Hearing loss driving me crazy. Any advice?

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Always consider that a hearing aid may not be right for someone if they keep "losing" it. They can aggravate the "recruitment" phenomenon, and sensitivity to loud noises can be very real. Ears are hooked up to brains, and brains can do some funny things while trying to adjust to altered sensory inputs. I get this and know I have to adjust to a little tinny sound quality because I cannot tolerate low frequencies being amplified, though my former audiologist strenuously objected; she also did not think I could use open fit with my degree of loss but was completely incorrect. (Note I said former. I will NOT put up with an audiologist who will not listen.) The first set I tried - there was no way - I would have had a migraine in another 30 seconds of use, and the guy had the nerve to say he thought I'd be more "motivated" to try to get used to them. My current audiologist also has migraines herself and understands. We all have to understand that aids can be great, but they do not quite replicate normal hearing.

And, if someone is wearing their aids and doing their best to understand you, DO repeat or communicate a different way, ideally just the words or ideas they did not get, that makes it easier on both parties. For example, my hubby hollers from the other room something that sounds like "Hey honey come get the mail, your soup pots are breaded" I would say "my SOUP POTS are BREADED?" and he should say, a little louder and clearer "your coupons are ready", not start with "hey honey come get the mail..." then fade off again. If it is worth communicating, it is worth repeating, otherwise you inadvertently convey that the hearing impaired person does not matter and does not need to know what is going on. But yes, I get that the person who refuses to use what they have if it is working correctly can't demand endless repetition and needs that kind of behavior modification.

There are aids out there suitable for severe to profound loss, and beyond that, there are cochlear implants. I was surprised to find out an older patient of mine with myotonic dystrophy was able to get one and benefit.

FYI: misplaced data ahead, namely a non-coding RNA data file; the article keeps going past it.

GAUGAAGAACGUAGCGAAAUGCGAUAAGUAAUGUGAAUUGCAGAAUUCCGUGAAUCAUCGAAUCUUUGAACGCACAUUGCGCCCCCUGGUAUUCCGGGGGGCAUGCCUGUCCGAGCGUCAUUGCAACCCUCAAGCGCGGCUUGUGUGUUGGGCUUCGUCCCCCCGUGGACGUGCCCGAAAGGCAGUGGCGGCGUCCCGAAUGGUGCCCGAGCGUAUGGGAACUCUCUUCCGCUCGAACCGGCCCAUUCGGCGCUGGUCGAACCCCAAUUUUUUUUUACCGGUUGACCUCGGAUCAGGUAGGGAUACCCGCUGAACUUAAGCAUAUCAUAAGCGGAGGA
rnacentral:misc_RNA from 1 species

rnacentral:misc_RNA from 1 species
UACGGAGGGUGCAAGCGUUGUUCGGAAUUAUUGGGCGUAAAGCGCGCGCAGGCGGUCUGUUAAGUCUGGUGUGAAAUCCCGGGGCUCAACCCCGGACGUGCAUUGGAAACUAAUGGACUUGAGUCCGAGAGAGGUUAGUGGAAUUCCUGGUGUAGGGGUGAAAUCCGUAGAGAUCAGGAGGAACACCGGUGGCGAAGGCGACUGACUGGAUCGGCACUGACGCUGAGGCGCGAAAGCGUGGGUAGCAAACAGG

Ale, I love your link too!
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Taking a different turn, although communicating can be difficult and frustrating there are still ways to spend some quality time with your mother doing activities that can cater to people who are hard of hearing.

Take a look at this article, it has a few useful tips about interaction with hearing impaired people as well as some ideas of some fun activities you can experience with them.
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I hear the newer hearing aids are much better and are less annoying than the hearing aids even from 5 years ago. I have mild hearing loss and have difficulty when there is a lot of noise, my dad has hearing loss but won't wear his aids, says the sound isn't 'life like' and sounds like a radio and when there is a loud noise it's painful to him. My brothers mother in law just obtain new hearing aids, small and easy to use; she says they have really changed the way she hears and they are wonderful. I don't like not being able to hear things or not hearing things correctly. I would consider aids if the time comes I need them
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Please know that there are devices out there to help with many situations in the home in regards to someone with hearing loss. It is my mission to spread the word as I have been working for a great company called Harris Communications for the past 2 years. We distribute products for the deaf and hard of hearing. We have everything from signaling equipment, amplified telephones, tv listening and personal amplifiers which many people use in lieu of hearing aids, etc. I would be ever so glad to help anyone in any way that I can! :) There is more out there than just hearing aids. And it is my experience that most seniors either lose them or have a hard time changing the batteries, etc.